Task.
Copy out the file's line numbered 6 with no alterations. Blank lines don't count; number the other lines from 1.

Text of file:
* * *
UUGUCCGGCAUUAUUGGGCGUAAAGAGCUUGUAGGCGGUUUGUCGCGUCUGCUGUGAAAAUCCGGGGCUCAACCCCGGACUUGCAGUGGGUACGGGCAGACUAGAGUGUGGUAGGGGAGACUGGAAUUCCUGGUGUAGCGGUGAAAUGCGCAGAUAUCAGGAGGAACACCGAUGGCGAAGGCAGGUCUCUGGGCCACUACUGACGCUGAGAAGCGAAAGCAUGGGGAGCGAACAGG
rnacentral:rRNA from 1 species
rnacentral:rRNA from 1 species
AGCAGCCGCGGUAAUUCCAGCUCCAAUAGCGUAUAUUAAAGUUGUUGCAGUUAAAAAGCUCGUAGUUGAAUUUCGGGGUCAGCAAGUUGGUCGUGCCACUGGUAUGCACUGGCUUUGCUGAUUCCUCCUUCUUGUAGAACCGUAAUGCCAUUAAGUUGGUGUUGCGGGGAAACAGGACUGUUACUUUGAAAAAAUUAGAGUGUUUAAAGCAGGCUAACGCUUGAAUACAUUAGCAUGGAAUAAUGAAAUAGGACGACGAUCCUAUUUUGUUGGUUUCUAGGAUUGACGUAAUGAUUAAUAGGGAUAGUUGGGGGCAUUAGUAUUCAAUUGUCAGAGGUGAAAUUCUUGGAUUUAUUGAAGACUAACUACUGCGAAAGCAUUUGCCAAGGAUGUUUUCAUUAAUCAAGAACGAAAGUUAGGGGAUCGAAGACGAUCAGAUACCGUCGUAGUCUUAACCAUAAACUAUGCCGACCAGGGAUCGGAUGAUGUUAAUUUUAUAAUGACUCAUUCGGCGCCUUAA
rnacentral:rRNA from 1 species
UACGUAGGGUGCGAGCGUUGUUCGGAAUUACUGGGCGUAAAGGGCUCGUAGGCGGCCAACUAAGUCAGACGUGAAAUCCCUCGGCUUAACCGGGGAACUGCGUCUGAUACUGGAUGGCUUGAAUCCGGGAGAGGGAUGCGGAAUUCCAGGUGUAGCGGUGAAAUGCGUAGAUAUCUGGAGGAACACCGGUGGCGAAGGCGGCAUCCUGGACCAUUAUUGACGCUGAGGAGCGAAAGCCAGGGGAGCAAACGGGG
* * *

UACGUAGGGUGCGAGCGUUGUUCGGAAUUACUGGGCGUAAAGGGCUCGUAGGCGGCCAACUAAGUCAGACGUGAAAUCCCUCGGCUUAACCGGGGAACUGCGUCUGAUACUGGAUGGCUUGAAUCCGGGAGAGGGAUGCGGAAUUCCAGGUGUAGCGGUGAAAUGCGUAGAUAUCUGGAGGAACACCGGUGGCGAAGGCGGCAUCCUGGACCAUUAUUGACGCUGAGGAGCGAAAGCCAGGGGAGCAAACGGGG